To any retail executive, manager or employee feeling a little frazzled, frustrated or forlorn because of the perpetual change and intense competition in the industry today, I have this message of hope:
Help is on the way.
I’ve seen it, having been lucky enough to sit in on a University of North Texas digital retail class called “Virtual Merchandising.” The class was stocked with college students who are ready to tackle the retail field with bright ideas, new technology and a determination to see that their chosen field flourishes.
“They need to have an understanding of their customers,” Associate Professor Kiseol Yang says of her digital merchandising students at UNT in Denton, Texas. “But they continue to think of new ideas and innovative ideas.”
I was on campus with my colleague Tammy Sanders, BloomReach’s head of learning for Compass, a merchandising analytics tool. Sanders was there as a guest lecturer leading a discussion on using data-generated insights to better think like a digital retailer. I was there to try to get a handle on where the next wave of retailers see the business headed.
Retail has almost always operated in a state of flux — technology, trends, the economy, all have all shaped and reshaped the business of buying and selling stuff. But like so much that technology touches, the shifts and reshaping seem to be accelerating at a geometric rate, which has lead to great opportunity and great uncertainty for retailers. The students at UNT get that.
It was evident from the classroom conversation that these students are bold believers in data-driven merchandising, while also being ready to embrace their own creative intuition and intelligence. And they are excited about finding new tools and leveraging them to bring about new ways of thinking.
UNT students understand the power of the consumer
They understand the power the consumer holds in the digital age. They know that in order to serve those empowered consumers, retailers need to focus on providing a five-star customer experience — a shopping experience that is personal and relevant every time, no matter the device or channel a customer uses.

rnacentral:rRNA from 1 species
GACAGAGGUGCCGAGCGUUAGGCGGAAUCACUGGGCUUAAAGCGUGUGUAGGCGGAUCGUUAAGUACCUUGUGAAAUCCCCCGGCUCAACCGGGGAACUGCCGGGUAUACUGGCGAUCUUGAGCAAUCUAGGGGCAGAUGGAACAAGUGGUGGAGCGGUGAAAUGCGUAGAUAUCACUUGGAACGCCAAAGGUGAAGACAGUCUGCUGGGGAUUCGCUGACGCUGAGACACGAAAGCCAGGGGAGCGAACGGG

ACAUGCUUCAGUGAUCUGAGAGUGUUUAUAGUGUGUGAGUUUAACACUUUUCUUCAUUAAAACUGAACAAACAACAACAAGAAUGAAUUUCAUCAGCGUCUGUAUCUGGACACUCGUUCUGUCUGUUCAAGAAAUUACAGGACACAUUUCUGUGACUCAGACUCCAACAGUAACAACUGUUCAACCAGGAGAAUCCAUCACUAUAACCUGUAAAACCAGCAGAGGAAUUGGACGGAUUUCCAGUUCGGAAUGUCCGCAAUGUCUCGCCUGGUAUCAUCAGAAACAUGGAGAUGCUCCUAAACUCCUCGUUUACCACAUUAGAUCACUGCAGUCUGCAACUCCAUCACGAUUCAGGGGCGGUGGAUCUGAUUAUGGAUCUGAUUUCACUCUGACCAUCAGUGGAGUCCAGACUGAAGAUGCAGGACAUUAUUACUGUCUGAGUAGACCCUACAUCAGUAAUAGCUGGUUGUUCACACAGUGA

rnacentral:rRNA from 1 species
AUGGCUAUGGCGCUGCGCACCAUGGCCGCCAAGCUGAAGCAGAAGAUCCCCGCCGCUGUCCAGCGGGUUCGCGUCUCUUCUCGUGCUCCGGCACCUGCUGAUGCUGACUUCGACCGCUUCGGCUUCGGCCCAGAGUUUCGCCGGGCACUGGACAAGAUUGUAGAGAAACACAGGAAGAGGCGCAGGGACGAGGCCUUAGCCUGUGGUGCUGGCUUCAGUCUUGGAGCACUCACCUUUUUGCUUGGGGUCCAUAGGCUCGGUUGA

Students at UNT learn digital retail principles and pitfalls using real-world e-commerce, marketing and analytics platforms. They face authentic retail challenges using an array of e-commerce tools that marketers and merchandisers at some of the country’s largest retailers turn to every day.
“Even though the technology is constantly moving forward; and we may not have access to the latest and greatest iteration of the platforms, just having the opportunity to get our feet wet a little bit, and getting the lay of the land for how they’re generally set up, that’s definitely going to put us at an advantage to the students who haven’t had that,” senior Lindsay Norwick, a digital retailing major, said after the class.
For Sanders’ two-class-period course, Norwick and her classmates used a sophisticated analytics platform to gather insights about consumer behavior and product performance while deciding on moves they would make to optimize customers’ experiences and the retailer’s likelihood of making a sale. The discussion was lively with twists, turns, give and take.
A sampling of the back-and-forth:
When devil’s advocate Sanders put forth the argument, “All promotions are attractive to consumers,” the students knocked it down. “All relevant promotions are attractive to consumers,” they countered.